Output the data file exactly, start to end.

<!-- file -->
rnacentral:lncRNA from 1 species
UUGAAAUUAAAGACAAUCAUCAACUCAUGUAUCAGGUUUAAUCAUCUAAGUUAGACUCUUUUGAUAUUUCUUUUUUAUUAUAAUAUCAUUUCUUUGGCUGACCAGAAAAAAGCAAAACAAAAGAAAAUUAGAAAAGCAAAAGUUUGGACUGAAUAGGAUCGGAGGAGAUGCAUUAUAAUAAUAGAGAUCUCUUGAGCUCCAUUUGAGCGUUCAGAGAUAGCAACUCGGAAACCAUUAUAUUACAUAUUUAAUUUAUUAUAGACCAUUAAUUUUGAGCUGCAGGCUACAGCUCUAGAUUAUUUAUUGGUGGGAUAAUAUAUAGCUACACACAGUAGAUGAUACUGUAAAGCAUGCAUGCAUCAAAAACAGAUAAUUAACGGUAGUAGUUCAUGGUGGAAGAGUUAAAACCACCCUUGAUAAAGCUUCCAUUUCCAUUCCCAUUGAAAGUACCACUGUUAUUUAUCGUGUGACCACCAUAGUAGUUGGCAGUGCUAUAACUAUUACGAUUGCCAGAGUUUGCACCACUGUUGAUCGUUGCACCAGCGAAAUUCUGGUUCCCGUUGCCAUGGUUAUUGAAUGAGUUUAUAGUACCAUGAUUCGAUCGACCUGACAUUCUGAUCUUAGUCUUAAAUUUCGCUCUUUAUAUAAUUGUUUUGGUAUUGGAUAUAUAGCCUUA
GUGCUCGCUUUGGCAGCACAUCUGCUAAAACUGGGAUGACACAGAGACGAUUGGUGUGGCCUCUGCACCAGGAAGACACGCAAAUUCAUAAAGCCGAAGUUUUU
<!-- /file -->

rnacentral:lncRNA from 1 species
UUGAAAUUAAAGACAAUCAUCAACUCAUGUAUCAGGUUUAAUCAUCUAAGUUAGACUCUUUUGAUAUUUCUUUUUUAUUAUAAUAUCAUUUCUUUGGCUGACCAGAAAAAAGCAAAACAAAAGAAAAUUAGAAAAGCAAAAGUUUGGACUGAAUAGGAUCGGAGGAGAUGCAUUAUAAUAAUAGAGAUCUCUUGAGCUCCAUUUGAGCGUUCAGAGAUAGCAACUCGGAAACCAUUAUAUUACAUAUUUAAUUUAUUAUAGACCAUUAAUUUUGAGCUGCAGGCUACAGCUCUAGAUUAUUUAUUGGUGGGAUAAUAUAUAGCUACACACAGUAGAUGAUACUGUAAAGCAUGCAUGCAUCAAAAACAGAUAAUUAACGGUAGUAGUUCAUGGUGGAAGAGUUAAAACCACCCUUGAUAAAGCUUCCAUUUCCAUUCCCAUUGAAAGUACCACUGUUAUUUAUCGUGUGACCACCAUAGUAGUUGGCAGUGCUAUAACUAUUACGAUUGCCAGAGUUUGCACCACUGUUGAUCGUUGCACCAGCGAAAUUCUGGUUCCCGUUGCCAUGGUUAUUGAAUGAGUUUAUAGUACCAUGAUUCGAUCGACCUGACAUUCUGAUCUUAGUCUUAAAUUUCGCUCUUUAUAUAAUUGUUUUGGUAUUGGAUAUAUAGCCUUA
GUGCUCGCUUUGGCAGCACAUCUGCUAAAACUGGGAUGACACAGAGACGAUUGGUGUGGCCUCUGCACCAGGAAGACACGCAAAUUCAUAAAGCCGAAGUUUUU